I also used different diameter tubes to mix the effect, and some I very loosely filled with fiberglass batting.

I wanted to learn hands-on about these treatments, so I researched quite a bit and built many types, mixing them with commercial products.
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So RCanelas, in your opinion frequency response and even directivity is not the most important factor in a speaker, or how we perceive sound quality? We leave out the room for now.
I don't think that is what I said at all.

Those are both of some of the most important measures to start designing a loudspeaker indeed. Alas they are highly correlated, correlated with another few parameters and most important, they are very difficult to extricate from a room. I mean, they are trivial to measure and design for, you get a kippel like us, spin it out and get a flat semi-anechoic response. From there to a real room... a lot can (will) happen. You need a more understanding of how your loudspeaker actually functions to get something interesting out of it.

This is of course for most loudspeaker topologies. Synergy horns are a fun exception due to the extremely unusual and almost linear relationship between a lot of things. MTMs are not exceptions. Their directivity is controlled, but not even, for example. They can introduce a number of other challenges, mostly due to the difficulty of balancing acoustic center distances with cone area, sensitivity, and obviously impedance.

If you ever find someone saying they have an audio magic bullet, no compromises needed, you can probably disregard them without much concern. Irregardless price, topology, size and color.
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Nick, your findings seems to be oppesite mine, regarding the plastic wrapping. I will try a small test later.
Another weekend, another concert

The annual Slay-Town one day festival blasted through the city and delivered some bone crushing metal. Especially Hate from Poland was a demonstration of precision and power with their blackened death metal. That kind of music demands top notch sound, otherwise it can turn out as an atrocity. Fortunately the sound engineer delivered the goods, with fabulous dynamics and clarity to serve the musicians and the metal crowd.

Quick and dirty mock-up cardioid speaker, with 15" P Audio C15LF and 8" Eighteensound 8NMB420 drivers. The general idea is to control the dispersion down to the upper bass (100-150 Hz). A cardioid speaker is a hybrid of a closed box speaker and a dipole, so there will not be much output below aprox 100 Hz, so subs are mandatory. Measurements will tell where and what x-over filters to use, to get the most uniform dispersion. The 8" 18sound will be low passed aprox 500 Hz and then a small synergy horn on top will take over.

PS speakers are not finished yet ;)

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Made some cab progress.

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The general idea for the 8" chamber is to make some sort of back wave trap. Don't know if it is necessary, due to to the cardioid concept, but it works for closed cabs.
Got to visit some audio folks and listen to their systems. I find that an interesting and funny part of being is this very special hobby. I focus quite a bit to be as unbiased as one can be, when I hear new systems and to be open minded, but not so much that my brain falls out :D When one visit other people, you are on their home turf and you listen on their premise. I try to understand what it is that they are trying to achieve and I don't have to agree, just reckon, accept and get an understanding of their approach.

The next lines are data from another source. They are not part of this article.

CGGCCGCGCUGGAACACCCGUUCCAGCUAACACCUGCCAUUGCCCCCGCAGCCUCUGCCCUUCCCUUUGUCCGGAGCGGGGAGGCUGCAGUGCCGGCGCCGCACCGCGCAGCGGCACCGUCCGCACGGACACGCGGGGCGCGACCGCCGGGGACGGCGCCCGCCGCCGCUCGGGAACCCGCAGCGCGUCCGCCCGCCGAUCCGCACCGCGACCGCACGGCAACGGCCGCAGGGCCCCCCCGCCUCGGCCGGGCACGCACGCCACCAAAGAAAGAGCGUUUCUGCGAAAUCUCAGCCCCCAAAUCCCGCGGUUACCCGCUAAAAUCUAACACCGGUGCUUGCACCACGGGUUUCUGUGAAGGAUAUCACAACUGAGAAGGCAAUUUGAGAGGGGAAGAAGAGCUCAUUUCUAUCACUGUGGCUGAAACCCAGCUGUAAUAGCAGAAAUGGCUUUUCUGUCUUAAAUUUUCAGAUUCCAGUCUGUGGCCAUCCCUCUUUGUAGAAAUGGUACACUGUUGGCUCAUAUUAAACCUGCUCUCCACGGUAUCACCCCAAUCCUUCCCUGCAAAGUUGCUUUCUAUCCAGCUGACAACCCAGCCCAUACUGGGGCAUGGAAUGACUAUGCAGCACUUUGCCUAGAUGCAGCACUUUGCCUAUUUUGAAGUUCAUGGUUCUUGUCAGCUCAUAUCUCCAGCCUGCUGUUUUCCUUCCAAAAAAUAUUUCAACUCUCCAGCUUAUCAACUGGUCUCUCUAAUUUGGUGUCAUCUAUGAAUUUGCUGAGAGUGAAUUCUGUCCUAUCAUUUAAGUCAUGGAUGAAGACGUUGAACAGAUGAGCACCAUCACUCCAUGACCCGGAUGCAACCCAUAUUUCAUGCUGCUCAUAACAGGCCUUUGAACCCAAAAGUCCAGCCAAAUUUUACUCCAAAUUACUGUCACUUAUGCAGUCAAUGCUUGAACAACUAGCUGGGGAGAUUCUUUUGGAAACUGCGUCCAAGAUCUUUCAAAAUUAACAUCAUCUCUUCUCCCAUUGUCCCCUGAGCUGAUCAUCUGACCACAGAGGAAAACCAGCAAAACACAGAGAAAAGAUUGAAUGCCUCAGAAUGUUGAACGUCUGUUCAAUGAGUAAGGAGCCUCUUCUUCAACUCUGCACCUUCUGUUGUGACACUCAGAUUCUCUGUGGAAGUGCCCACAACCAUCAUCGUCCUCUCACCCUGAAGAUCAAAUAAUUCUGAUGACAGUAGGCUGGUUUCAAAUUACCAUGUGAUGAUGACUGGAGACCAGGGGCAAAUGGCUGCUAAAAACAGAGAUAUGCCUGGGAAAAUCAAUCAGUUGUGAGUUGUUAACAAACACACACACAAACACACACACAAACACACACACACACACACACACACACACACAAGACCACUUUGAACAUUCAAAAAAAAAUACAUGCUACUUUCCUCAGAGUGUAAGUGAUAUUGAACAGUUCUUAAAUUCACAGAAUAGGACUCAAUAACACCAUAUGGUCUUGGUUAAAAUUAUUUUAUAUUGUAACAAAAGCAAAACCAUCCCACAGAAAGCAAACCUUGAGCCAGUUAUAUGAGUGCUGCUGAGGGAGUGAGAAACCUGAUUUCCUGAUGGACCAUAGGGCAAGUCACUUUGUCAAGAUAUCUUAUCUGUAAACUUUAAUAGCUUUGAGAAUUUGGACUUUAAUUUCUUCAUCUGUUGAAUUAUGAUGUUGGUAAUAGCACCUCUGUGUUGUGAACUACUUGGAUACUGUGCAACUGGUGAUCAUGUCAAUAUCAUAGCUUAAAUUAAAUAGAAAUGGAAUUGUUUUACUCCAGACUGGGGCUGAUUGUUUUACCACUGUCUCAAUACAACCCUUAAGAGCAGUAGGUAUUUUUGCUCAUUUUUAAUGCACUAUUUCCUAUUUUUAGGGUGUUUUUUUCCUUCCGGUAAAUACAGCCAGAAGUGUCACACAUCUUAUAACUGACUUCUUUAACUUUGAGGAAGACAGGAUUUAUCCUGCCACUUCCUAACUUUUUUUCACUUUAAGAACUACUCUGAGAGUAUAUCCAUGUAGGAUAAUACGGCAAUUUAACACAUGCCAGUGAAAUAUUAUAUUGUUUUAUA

First visit was at an elder nice fellow. We have met at various occasions and he has also been at my place for at listening visit. He is an "old school" guy, analog 90 % of the time and with a one of a kind and rare system. Speakers are 4-way Daner Open from an old danish manufacturer Daner Audio produced in the 80's. Turntable Technics SP10, Van den Hul Colibri pickup, Daner Expand MC preamp, Daner Detal preamp, Electro Research A75 cl A power amp, so vintage gear.


The front wall is damped with rockwool insulation covered with wood wool acoustic boards, taming the relatively big room (40-50 m2), which is a very clever move given the special listening situation. It is always difficult to get used to the sound in a foreign place. Different room, different speakers and different music. Sitting relatively far away from the speakers, about 6 meter is a bit unusual and naturally the music seems i bit far away and it does compromise the pinpoint image and depth to some degree, and painting all with a somewhat broader brush, but once accustomed it was ok. Having so little direct sound and hearing mostly reflected sound in the listening position, is the exact opposite of what I'm doing, so it was a bit special. Listening to some familiar music, The Police (Ghost in the machine) and some old Saga tunes (Silent Knight), the tonal balance was a bit thin to my ears, lacking some output (warmth) in 80-300 hz. The sub bass was there, but not strong and detailed enough. The upper registre was ok detailed and even with ok dynamics, but after some time I noticed a bit of listening fatigue and we played music between 75-90 dB, so not super loud by any means.

This is a premium, albeit a bit extreme, example of how different people has different approaches to hifi, due to conscious choices or necessities. Nevertheless, always good times to visit fellow audio people, which is highly recommendable.

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Unusual setup, to have the speakers so far away, moreover in what seems to be a dedicated room.

Looking forward to your impressions of the Mofi Sourcepoint 8...
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Long listening distance and little acoustical treatment = large horn speakers with narrow and constant directivity down to Schroeder.

But rear wall still needs to be treated.
Should we stick to physics and proof or what an individual thinks? Ethan Winer isn't an acoustician FIY.

You might want to read the thread you linked to. Ethan Winer is being corrected by more knowledgeable people in the field.
And, FYI, also banned on WBF. Very few have had the "honor" to be part of that rare list. That should tell the OP something.